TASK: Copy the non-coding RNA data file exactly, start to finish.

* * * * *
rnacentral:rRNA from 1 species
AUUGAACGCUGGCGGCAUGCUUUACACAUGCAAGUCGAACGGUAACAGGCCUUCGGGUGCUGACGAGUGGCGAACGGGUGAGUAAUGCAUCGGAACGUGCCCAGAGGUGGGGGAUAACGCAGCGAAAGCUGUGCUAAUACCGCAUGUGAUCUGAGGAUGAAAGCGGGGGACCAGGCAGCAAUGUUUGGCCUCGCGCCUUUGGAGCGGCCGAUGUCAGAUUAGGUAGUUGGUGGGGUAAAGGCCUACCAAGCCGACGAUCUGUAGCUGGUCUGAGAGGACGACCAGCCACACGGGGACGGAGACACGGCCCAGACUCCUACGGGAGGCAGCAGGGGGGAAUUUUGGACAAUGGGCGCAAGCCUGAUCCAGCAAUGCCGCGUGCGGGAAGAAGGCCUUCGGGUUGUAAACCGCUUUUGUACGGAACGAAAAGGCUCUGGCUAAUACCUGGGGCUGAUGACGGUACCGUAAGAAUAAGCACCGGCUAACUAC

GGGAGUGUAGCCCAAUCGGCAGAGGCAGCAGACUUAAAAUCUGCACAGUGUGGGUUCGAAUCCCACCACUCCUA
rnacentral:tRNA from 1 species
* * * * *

rnacentral:rRNA from 1 species
AUUGAACGCUGGCGGCAUGCUUUACACAUGCAAGUCGAACGGUAACAGGCCUUCGGGUGCUGACGAGUGGCGAACGGGUGAGUAAUGCAUCGGAACGUGCCCAGAGGUGGGGGAUAACGCAGCGAAAGCUGUGCUAAUACCGCAUGUGAUCUGAGGAUGAAAGCGGGGGACCAGGCAGCAAUGUUUGGCCUCGCGCCUUUGGAGCGGCCGAUGUCAGAUUAGGUAGUUGGUGGGGUAAAGGCCUACCAAGCCGACGAUCUGUAGCUGGUCUGAGAGGACGACCAGCCACACGGGGACGGAGACACGGCCCAGACUCCUACGGGAGGCAGCAGGGGGGAAUUUUGGACAAUGGGCGCAAGCCUGAUCCAGCAAUGCCGCGUGCGGGAAGAAGGCCUUCGGGUUGUAAACCGCUUUUGUACGGAACGAAAAGGCUCUGGCUAAUACCUGGGGCUGAUGACGGUACCGUAAGAAUAAGCACCGGCUAACUAC

GGGAGUGUAGCCCAAUCGGCAGAGGCAGCAGACUUAAAAUCUGCACAGUGUGGGUUCGAAUCCCACCACUCCUA
rnacentral:tRNA from 1 species